BANDON, Ore. -- It was Day 2 at Bandon Dunes Golf Resort. The sky had cleared, temperatures were in the 60s and we were beginning 36 holes of golf on the spectacular Oregon Coast with Bandon Trails, the Bill Coore/Ben Crenshaw-designed inland course at what could be argued as America's top golf resort.
Starting the round, I posted a photo on social media of Bandon Trails. Shortly thereafter, someone left a comment that surprised me. "Hands down, the best course at Bandon Dunes."
Wow, that was surprising. Better than Pacific Dunes? Better than Bandon Dunes? I had never played Old Macdonald up to that point, so I couldn't compare yet. But I had just started my first round at Bandon Trails, so my expectations were soaring at that point, given the comment.
At the end of the round, Bandon Trails certainly impressed but not to the point to call it the best course at Bandon Dunes. Some have argued that if it weren't at Bandon Dunes up against three other spectacular courses (four if you count Bandon Preserve), it would get its due. But that's irrelevant, because it is up against them.
Still, Bandon Trails is a terrific golf course. It blends links elements with traditional target golf. It's unique but not as unique as Pacific and Bandon Dunes, which are the only regulation true links golf courses in the United States. And it doesn't have all those ocean views.
Some, including Kemper Sports president Josh Lesnik (KemperSports is Bandon's golf management company), tab Bandon Dunes as their favorite course at the resort. So everyone has their favorites. At the end of my stay, I tried to put together a list of my personal favorites. I never wavered on my top course, but I shuffled the other three championship courses several times before deciding on what is ultimately the way they are ranked by national publications. But even there, the rankings after Pacific Dunes are so close that you can see that everyone has a slightly different opinion. We welcome yours in the comment section below or vote in the poll below. Here's my rundown:
1. Pacific Dunes
No disrespect to the original, but Pacific Dunes took the resort to another level when it opened in 2001. In a staff story we did a while back, I listed Tom Doak as the one whose golf courses I would be most willing to travel to, and Pacific Dunes is a major reason why.
At every juncture, no matter how many times you've played this course, you find yourself saying wow to the views of the designs of the holes. There might not be a more spectacular point in golf than the back-to-back par 3s of 10 and 11 leading to the par-5 tee of no. 12. To me, every hole on the course is special, which is why Golf Magazine has Pacific Dunes ranked no. 1 on its Top 100 Courses You Can Play list. (Golf Digest has Pacific Dunes no. 2 behind Pebble Beach.)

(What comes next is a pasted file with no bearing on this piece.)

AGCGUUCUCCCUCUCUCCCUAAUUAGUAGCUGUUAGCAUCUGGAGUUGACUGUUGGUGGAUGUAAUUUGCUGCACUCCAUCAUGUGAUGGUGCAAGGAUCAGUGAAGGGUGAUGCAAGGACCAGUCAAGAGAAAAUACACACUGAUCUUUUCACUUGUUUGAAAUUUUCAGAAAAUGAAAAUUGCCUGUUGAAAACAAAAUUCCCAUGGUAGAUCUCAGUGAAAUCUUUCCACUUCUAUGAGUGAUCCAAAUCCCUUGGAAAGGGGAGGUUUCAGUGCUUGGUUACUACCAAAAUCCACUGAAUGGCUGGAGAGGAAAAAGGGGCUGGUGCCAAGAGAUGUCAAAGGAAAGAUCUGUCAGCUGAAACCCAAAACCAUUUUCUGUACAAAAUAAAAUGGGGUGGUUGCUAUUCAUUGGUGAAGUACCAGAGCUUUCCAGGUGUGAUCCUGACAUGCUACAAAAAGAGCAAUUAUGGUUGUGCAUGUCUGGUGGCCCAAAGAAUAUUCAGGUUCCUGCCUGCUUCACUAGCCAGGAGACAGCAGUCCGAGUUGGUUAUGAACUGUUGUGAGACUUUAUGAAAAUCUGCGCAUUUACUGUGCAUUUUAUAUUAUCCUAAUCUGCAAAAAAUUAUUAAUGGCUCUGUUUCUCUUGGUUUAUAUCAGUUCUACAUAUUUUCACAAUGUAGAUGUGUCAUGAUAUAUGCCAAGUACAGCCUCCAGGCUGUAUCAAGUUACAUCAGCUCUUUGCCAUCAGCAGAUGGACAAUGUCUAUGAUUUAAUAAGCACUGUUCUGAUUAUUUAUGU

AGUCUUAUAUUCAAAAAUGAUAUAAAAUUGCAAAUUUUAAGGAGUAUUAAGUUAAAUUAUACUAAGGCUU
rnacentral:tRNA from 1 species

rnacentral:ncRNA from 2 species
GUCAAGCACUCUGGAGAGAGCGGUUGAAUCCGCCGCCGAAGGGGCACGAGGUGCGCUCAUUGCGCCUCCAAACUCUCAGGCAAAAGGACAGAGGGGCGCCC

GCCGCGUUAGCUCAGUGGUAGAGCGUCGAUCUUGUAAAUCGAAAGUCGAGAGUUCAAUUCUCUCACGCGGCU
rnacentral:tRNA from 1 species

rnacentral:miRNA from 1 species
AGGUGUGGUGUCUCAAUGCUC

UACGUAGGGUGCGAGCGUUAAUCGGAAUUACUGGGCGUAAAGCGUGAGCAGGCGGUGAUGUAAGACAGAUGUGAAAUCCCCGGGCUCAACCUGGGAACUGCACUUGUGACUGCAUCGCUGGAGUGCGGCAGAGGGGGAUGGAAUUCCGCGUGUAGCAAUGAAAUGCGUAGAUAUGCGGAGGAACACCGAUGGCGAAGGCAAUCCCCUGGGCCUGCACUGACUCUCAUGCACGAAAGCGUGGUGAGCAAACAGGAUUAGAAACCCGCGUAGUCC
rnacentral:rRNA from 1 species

2. Bandon Dunes
I actually waffled with this selection for a while, because Bandon Trails and Old Macdonald made such an impression with me. In the end, though, I concluded that both Bandon Dunes (ranked seventh by Golf Digest and eighth by Golf Magazine) and Pacific are the reason golfers from all over the world and even overseas make this pilgrimage to the Oregon coast.
When the original David McLay Kidd-designed Bandon Dunes opened in 1999, it had already made a statement unique to American golf. And though it's certainly much more subtle than Pacific Dunes, it can be argued that it's the truest links experience of any of the courses at the resort. With plenty of great ocean vantage points as well, Bandon Dunes is and will always be a classic.
3. Old Macdonald
Old Macdonald, the newest of the four championship layouts at the resort, is one big golf course, including some of the biggest greens (6.2 acres total) and bunkers I've ever seen. No two holes are alike, and like Bandon Dunes and Pacific, there are some great ocean views, just not as many.
There are more, however, than you'll find at Bandon Trails, which puts Old Mac (ranked 12th by Golf Digest) more in character with the first two courses built here. Then you add in the element that architects Doak and Jim Urbina conjured up what they thought Macdonald would have done to this piece of land, and it adds up to one cool design. Uphill holes, downhill holes, blind shots, troublesome bunkers and even an 18th green with a punch bowl design that funnels shots close to the hole. It all adds up to a fascinating golf experience.
4. Bandon Trails
Let me start this out by saying I've never played a Coore/Crenshaw course that I didn't like, and Bandon Trails, which opened in 2005, is no exception. I actually thought this might have been the hardest to walk with Old Mac a close second, which means there's a great deal of elevation change. And even though you can't see the ocean from most of the course, its presence is always felt, though the trees block much of the wind you feel on the other courses.
But even though much of it is tree-lined, the fairways are plenty generous, so there are few problems getting off the tee here, and you can almost always recover. Again, I wouldn't come to Bandon Dunes just to play this course, but any trip to Bandon without playing is incomplete. It complements the other courses well.
Don't skip Bandon Preserve, either
Even though Bandon Preserve isn't a championship layout, it would be a serious omission not to mention what might be the best par-3 course in America. With views of the Pacific from every hole, there's never been anything like it. Best of all, the holes are interesting and way more challenging than most par 3s.
The greens have a ton of movement in them, you'll want to avoid the bunkers and have to compensate with club selection for wind and elevation change. One of the coolest elements is that you can putt the ball off the 13th tee to the green.
Also worth mentioning is the 36-hole putting course, the Punchbowl, and Bandon Dunes' outstanding practice facilities.